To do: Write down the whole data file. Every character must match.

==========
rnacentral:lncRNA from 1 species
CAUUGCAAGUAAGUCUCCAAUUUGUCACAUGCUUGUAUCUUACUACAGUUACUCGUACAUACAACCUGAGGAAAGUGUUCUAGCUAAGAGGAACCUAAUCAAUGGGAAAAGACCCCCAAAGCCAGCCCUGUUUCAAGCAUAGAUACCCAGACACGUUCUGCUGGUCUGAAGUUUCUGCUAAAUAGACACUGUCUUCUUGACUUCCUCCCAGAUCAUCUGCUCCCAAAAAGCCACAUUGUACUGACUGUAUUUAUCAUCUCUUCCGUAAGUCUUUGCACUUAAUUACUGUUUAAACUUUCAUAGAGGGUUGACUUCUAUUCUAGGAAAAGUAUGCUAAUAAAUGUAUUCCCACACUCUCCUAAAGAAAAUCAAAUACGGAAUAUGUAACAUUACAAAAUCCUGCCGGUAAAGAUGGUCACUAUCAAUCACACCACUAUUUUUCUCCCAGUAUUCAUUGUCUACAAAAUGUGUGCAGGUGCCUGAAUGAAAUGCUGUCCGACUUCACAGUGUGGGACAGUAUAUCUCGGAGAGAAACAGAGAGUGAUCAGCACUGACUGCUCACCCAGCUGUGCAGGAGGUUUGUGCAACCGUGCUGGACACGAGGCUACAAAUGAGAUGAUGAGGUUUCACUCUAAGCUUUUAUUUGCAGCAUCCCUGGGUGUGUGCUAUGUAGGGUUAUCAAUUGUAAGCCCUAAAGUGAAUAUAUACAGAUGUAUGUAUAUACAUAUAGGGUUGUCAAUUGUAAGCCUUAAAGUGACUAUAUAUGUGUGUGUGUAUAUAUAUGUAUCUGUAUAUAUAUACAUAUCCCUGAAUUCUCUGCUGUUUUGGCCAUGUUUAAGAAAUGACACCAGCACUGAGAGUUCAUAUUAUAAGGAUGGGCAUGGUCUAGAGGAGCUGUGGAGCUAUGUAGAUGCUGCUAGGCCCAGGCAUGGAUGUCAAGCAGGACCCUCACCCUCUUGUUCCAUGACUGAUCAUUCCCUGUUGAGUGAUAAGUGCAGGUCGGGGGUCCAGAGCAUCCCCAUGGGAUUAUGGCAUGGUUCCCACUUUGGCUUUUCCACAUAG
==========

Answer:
rnacentral:lncRNA from 1 species
CAUUGCAAGUAAGUCUCCAAUUUGUCACAUGCUUGUAUCUUACUACAGUUACUCGUACAUACAACCUGAGGAAAGUGUUCUAGCUAAGAGGAACCUAAUCAAUGGGAAAAGACCCCCAAAGCCAGCCCUGUUUCAAGCAUAGAUACCCAGACACGUUCUGCUGGUCUGAAGUUUCUGCUAAAUAGACACUGUCUUCUUGACUUCCUCCCAGAUCAUCUGCUCCCAAAAAGCCACAUUGUACUGACUGUAUUUAUCAUCUCUUCCGUAAGUCUUUGCACUUAAUUACUGUUUAAACUUUCAUAGAGGGUUGACUUCUAUUCUAGGAAAAGUAUGCUAAUAAAUGUAUUCCCACACUCUCCUAAAGAAAAUCAAAUACGGAAUAUGUAACAUUACAAAAUCCUGCCGGUAAAGAUGGUCACUAUCAAUCACACCACUAUUUUUCUCCCAGUAUUCAUUGUCUACAAAAUGUGUGCAGGUGCCUGAAUGAAAUGCUGUCCGACUUCACAGUGUGGGACAGUAUAUCUCGGAGAGAAACAGAGAGUGAUCAGCACUGACUGCUCACCCAGCUGUGCAGGAGGUUUGUGCAACCGUGCUGGACACGAGGCUACAAAUGAGAUGAUGAGGUUUCACUCUAAGCUUUUAUUUGCAGCAUCCCUGGGUGUGUGCUAUGUAGGGUUAUCAAUUGUAAGCCCUAAAGUGAAUAUAUACAGAUGUAUGUAUAUACAUAUAGGGUUGUCAAUUGUAAGCCUUAAAGUGACUAUAUAUGUGUGUGUGUAUAUAUAUGUAUCUGUAUAUAUAUACAUAUCCCUGAAUUCUCUGCUGUUUUGGCCAUGUUUAAGAAAUGACACCAGCACUGAGAGUUCAUAUUAUAAGGAUGGGCAUGGUCUAGAGGAGCUGUGGAGCUAUGUAGAUGCUGCUAGGCCCAGGCAUGGAUGUCAAGCAGGACCCUCACCCUCUUGUUCCAUGACUGAUCAUUCCCUGUUGAGUGAUAAGUGCAGGUCGGGGGUCCAGAGCAUCCCCAUGGGAUUAUGGCAUGGUUCCCACUUUGGCUUUUCCACAUAG